Vanessa

    3.5 stars. I had my reservations about reading Dead Souls for years - the synopsis never had me sold really, but I know a couple of people who profess that this is one of their favourite books of all time, if not their number one favourite. So I finally picked this up on a buddy read, and I'm really glad I did! The story follows Chichikov, the anti-hero of the story, who attempts to cheat the system by buying up important landowner's 'dead souls', in order to make money off the government. And o 3.5 stars. I had my reservations about reading Dead Souls for years - the synopsis never had me sold really, but I know a couple of people who profess that this is one of their favourite books of all time, if not their number one favourite. So I finally picked this up on a buddy read, and I'm really glad I did! The story follows Chichikov, the anti-hero of the story, who attempts to cheat the system by buying up important landowner's 'dead souls', in order to make money off the government. And of course, things start to go awry with his crazy plan. I do sometimes struggle with the style of writing in Russian literature - from my experiences so far of reading various Russian authors, I always find that the author is very much present in the book, drawing attention to himself, and although that's amusing at times it does start to grate on me after a while. Sadly, this was the case with Dead Souls, and I can't say I'm a massive fan of Gogol's writing overall. However, there was a lot of humour to be found in the story - Chichikov's interactions with the various landowners he meets (all very different personalities) were genuinely surreal at times and laughable, and the dialogue was fun and full of personality. I also liked how you could begin to see Chichikov's inevitable downwards spiral, and it was mad to read. However, another main issue I had with this book was that it was unfinished. In the second section (which was the part that I enjoyed the most), much more frequently there would be sentences, pages, even whole chapters missing (as indicated by the translators), and it frustrated me. I wanted to know more, and I felt like I was missing out on massive parts of the plot, which ended up making the resolution of the story wrap up far too quickly for my liking. I kept feeling like I was missing some really stellar parts. Now this might not be an issue for most people, but it was an issue for me, so I couldn't for that reason rate it any more highly than I have. However, it was definitely worth a read, and I'm glad I finally decided to get to it because it was a fun experience and definitely not boring in the way I thought it would be!

  27. 5 out of 5

    Soycd

    “Countless as the sands of sea are human passions, and not all of them are alike, and all of them, base and noble alike, are at first obedient to man and only later on become his terrible masters.” Dead Souls follows the story of Pavel Ivanovich Chichikov, an ambitious and seemingly unscrupulous man who travels across Russia's countryside to buy dead serfs from landowners to relieve them from tax payment, making himself a wealthy man in the process. This novel has a slow start, with Chichikov re “Countless as the sands of sea are human passions, and not all of them are alike, and all of them, base and noble alike, are at first obedient to man and only later on become his terrible masters.” Dead Souls follows the story of Pavel Ivanovich Chichikov, an ambitious and seemingly unscrupulous man who travels across Russia's countryside to buy dead serfs from landowners to relieve them from tax payment, making himself a wealthy man in the process. This novel has a slow start, with Chichikov repeatedly visiting landowners and displaying his cunning ploy to achieve his goal, but soon the reader becomes witness of this book's greatest accomplishment: Gogol's vivid depiction of the daily life of Russian middle and lower classes of the time. The idiosyncrasy and yearnings of Russian men are masterfully portrayed in these pages. I came into this novel expecting a bleak and serious account of 19th-century Russia but instead I found a very creative and comical story. Gogol's humorous side really shines through at times. What transforms this story into a masterpiece is the perfect mix of those funny moments with the more serious digressions of the author where Gogol's love for Russia is made clear. Dead Souls is also a novel that warns about the dangers of living in greed and selfishness and a critique of bureaucracy. This book is a landmark of Russian literature and is usually regarded as Gogol's greatest artistic achievement. He was a great influence on other Russian writers like Nabokov and Dostoevsky. I can definitely see a little of him the latter, though not as humorous or lighthearted, Dostoevsky has taken a lot after him and you can appreciate a lot of similarities in their work. Gogol had a religious conversion in the last years of his life which led him to have a personal crisis during which he burned a part of the manuscript of this novel. This book remains unfinished and the second part is a little disjointed as a result but it is nevertheless a rewarding experience. It is my second book by Gogol after the short story The Overcoat and I think lovers of Russian literature will find something to appreciate in here.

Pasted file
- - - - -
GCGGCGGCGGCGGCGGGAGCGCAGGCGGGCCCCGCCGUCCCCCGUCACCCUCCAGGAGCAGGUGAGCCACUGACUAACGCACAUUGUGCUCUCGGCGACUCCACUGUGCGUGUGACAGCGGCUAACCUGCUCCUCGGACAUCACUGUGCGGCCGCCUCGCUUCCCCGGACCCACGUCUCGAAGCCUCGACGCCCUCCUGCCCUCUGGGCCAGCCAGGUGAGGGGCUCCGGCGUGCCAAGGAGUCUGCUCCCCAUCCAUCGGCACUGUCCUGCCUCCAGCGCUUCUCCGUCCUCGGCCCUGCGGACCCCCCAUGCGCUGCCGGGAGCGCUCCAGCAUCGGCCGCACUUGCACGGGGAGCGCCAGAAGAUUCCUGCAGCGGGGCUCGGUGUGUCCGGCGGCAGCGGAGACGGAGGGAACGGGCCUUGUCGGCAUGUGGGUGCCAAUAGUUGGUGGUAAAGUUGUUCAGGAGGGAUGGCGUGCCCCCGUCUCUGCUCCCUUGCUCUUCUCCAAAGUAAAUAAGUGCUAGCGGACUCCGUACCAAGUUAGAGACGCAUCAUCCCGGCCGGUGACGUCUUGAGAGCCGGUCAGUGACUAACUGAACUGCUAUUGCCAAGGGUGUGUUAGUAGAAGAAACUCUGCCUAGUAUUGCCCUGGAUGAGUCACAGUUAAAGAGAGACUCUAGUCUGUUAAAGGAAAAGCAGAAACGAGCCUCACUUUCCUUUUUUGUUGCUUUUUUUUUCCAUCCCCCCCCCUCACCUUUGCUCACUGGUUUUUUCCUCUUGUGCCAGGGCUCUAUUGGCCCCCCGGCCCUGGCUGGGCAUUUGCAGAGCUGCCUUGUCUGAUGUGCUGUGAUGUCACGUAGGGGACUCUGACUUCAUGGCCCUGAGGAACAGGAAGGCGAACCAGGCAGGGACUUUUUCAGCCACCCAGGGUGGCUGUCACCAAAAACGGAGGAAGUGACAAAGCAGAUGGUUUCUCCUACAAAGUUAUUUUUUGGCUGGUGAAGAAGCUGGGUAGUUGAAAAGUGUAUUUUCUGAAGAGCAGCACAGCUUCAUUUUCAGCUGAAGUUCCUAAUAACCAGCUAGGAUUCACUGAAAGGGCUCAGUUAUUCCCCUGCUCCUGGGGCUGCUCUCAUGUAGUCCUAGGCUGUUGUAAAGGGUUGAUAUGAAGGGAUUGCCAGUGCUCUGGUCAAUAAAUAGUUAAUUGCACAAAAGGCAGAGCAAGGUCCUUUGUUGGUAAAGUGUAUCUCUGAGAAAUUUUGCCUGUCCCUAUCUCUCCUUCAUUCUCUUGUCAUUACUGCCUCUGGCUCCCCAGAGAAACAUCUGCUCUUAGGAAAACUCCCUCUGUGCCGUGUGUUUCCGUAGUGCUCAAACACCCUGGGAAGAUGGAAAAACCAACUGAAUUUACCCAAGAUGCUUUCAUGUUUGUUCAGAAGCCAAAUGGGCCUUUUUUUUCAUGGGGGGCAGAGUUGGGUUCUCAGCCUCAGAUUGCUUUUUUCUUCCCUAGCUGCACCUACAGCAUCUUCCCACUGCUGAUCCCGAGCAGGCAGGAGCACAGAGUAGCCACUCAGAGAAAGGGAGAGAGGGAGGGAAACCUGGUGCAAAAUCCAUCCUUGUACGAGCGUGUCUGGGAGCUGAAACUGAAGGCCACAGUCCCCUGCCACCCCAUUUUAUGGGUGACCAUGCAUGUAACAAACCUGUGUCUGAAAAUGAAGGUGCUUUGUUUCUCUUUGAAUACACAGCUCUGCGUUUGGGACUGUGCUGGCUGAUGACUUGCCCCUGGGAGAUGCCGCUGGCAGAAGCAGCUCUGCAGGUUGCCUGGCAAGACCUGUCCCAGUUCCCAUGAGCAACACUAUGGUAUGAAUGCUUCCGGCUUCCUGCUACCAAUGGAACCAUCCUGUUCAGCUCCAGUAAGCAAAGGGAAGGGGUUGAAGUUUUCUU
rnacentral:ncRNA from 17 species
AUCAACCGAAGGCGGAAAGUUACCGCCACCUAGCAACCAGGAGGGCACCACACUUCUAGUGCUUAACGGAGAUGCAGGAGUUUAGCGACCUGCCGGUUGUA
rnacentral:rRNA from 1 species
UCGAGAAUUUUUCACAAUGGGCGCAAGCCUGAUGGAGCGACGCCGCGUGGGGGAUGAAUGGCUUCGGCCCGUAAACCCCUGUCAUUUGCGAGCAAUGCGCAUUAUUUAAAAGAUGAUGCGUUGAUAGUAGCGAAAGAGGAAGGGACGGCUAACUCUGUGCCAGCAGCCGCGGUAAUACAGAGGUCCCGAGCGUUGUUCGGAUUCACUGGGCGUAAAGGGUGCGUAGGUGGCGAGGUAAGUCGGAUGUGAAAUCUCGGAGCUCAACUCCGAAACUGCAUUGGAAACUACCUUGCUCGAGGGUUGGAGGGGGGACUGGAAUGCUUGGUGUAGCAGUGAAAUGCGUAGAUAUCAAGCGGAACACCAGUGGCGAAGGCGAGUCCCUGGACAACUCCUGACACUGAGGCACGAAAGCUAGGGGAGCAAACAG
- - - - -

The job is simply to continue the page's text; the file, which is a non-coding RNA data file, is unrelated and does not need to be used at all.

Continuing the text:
28. 4 out of 5

    Simon A.